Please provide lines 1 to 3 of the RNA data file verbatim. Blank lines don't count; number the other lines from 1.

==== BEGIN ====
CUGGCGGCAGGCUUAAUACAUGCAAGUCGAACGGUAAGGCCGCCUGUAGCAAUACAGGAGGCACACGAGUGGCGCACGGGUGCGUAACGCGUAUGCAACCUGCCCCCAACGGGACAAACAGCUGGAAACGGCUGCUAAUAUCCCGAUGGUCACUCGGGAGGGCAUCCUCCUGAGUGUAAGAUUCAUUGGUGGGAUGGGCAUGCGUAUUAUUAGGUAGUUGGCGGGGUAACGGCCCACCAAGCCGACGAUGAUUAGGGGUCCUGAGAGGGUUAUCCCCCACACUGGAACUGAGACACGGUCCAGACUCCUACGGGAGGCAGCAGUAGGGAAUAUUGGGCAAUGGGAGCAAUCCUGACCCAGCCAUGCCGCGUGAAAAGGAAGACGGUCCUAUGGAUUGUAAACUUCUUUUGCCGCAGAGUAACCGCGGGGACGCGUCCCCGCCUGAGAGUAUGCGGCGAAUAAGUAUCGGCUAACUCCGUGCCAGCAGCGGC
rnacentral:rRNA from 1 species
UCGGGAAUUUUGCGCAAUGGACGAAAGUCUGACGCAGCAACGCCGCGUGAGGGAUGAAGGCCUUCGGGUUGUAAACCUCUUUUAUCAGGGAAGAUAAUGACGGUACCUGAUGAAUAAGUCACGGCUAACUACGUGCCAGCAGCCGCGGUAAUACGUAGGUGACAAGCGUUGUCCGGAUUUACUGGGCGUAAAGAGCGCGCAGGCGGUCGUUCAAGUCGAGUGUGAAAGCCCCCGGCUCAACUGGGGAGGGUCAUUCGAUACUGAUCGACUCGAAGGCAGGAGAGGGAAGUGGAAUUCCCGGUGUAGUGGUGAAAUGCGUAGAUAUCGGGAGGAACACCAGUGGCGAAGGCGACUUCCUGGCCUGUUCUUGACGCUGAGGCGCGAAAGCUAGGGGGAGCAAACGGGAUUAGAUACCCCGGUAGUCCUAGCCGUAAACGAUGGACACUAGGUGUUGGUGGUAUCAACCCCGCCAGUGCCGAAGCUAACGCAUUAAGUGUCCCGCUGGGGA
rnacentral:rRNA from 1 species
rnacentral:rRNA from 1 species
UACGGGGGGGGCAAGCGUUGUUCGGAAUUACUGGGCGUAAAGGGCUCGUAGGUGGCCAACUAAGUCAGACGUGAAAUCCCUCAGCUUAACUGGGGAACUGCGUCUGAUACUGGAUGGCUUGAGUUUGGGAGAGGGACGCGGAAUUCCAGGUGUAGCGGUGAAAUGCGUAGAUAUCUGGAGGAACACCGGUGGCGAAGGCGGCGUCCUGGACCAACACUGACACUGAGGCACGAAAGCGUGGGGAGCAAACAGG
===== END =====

CUGGCGGCAGGCUUAAUACAUGCAAGUCGAACGGUAAGGCCGCCUGUAGCAAUACAGGAGGCACACGAGUGGCGCACGGGUGCGUAACGCGUAUGCAACCUGCCCCCAACGGGACAAACAGCUGGAAACGGCUGCUAAUAUCCCGAUGGUCACUCGGGAGGGCAUCCUCCUGAGUGUAAGAUUCAUUGGUGGGAUGGGCAUGCGUAUUAUUAGGUAGUUGGCGGGGUAACGGCCCACCAAGCCGACGAUGAUUAGGGGUCCUGAGAGGGUUAUCCCCCACACUGGAACUGAGACACGGUCCAGACUCCUACGGGAGGCAGCAGUAGGGAAUAUUGGGCAAUGGGAGCAAUCCUGACCCAGCCAUGCCGCGUGAAAAGGAAGACGGUCCUAUGGAUUGUAAACUUCUUUUGCCGCAGAGUAACCGCGGGGACGCGUCCCCGCCUGAGAGUAUGCGGCGAAUAAGUAUCGGCUAACUCCGUGCCAGCAGCGGC
rnacentral:rRNA from 1 species
UCGGGAAUUUUGCGCAAUGGACGAAAGUCUGACGCAGCAACGCCGCGUGAGGGAUGAAGGCCUUCGGGUUGUAAACCUCUUUUAUCAGGGAAGAUAAUGACGGUACCUGAUGAAUAAGUCACGGCUAACUACGUGCCAGCAGCCGCGGUAAUACGUAGGUGACAAGCGUUGUCCGGAUUUACUGGGCGUAAAGAGCGCGCAGGCGGUCGUUCAAGUCGAGUGUGAAAGCCCCCGGCUCAACUGGGGAGGGUCAUUCGAUACUGAUCGACUCGAAGGCAGGAGAGGGAAGUGGAAUUCCCGGUGUAGUGGUGAAAUGCGUAGAUAUCGGGAGGAACACCAGUGGCGAAGGCGACUUCCUGGCCUGUUCUUGACGCUGAGGCGCGAAAGCUAGGGGGAGCAAACGGGAUUAGAUACCCCGGUAGUCCUAGCCGUAAACGAUGGACACUAGGUGUUGGUGGUAUCAACCCCGCCAGUGCCGAAGCUAACGCAUUAAGUGUCCCGCUGGGGA